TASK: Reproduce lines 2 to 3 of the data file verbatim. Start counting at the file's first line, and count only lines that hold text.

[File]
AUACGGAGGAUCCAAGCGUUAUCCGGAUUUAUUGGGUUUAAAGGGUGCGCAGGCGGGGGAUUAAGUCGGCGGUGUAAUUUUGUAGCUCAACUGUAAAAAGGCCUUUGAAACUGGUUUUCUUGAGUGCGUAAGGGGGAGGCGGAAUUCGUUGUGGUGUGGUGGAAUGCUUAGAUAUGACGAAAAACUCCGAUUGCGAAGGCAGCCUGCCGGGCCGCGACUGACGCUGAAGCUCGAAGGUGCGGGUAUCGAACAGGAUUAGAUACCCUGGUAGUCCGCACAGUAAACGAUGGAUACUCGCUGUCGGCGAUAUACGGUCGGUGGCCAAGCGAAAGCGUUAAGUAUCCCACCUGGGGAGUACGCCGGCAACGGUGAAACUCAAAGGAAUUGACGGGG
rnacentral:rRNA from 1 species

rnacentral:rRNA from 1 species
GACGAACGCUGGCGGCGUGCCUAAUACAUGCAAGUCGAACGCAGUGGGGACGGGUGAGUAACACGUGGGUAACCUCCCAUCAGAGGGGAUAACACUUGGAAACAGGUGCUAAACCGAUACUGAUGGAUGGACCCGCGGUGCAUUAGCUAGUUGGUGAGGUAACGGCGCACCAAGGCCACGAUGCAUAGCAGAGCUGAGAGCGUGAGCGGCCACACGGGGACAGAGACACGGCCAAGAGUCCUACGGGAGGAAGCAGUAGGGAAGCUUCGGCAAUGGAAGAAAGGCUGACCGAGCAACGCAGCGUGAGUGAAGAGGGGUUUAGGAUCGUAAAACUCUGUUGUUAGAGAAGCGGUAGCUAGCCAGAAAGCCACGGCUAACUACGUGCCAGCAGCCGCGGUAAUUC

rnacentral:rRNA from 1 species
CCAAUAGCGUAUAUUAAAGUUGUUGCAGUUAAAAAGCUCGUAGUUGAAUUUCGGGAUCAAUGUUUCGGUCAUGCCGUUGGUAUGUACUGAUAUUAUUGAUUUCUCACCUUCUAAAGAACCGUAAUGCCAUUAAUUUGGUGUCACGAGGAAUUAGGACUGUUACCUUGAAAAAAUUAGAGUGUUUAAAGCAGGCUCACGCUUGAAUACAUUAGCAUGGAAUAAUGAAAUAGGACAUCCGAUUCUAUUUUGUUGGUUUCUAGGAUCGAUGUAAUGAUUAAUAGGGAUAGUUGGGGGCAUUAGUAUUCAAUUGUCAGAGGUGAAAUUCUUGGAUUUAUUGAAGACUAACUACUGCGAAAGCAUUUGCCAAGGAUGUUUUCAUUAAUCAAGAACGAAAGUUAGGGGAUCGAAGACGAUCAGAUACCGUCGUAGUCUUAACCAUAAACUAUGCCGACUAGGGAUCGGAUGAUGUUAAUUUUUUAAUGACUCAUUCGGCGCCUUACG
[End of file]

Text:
rnacentral:rRNA from 1 species

rnacentral:rRNA from 1 species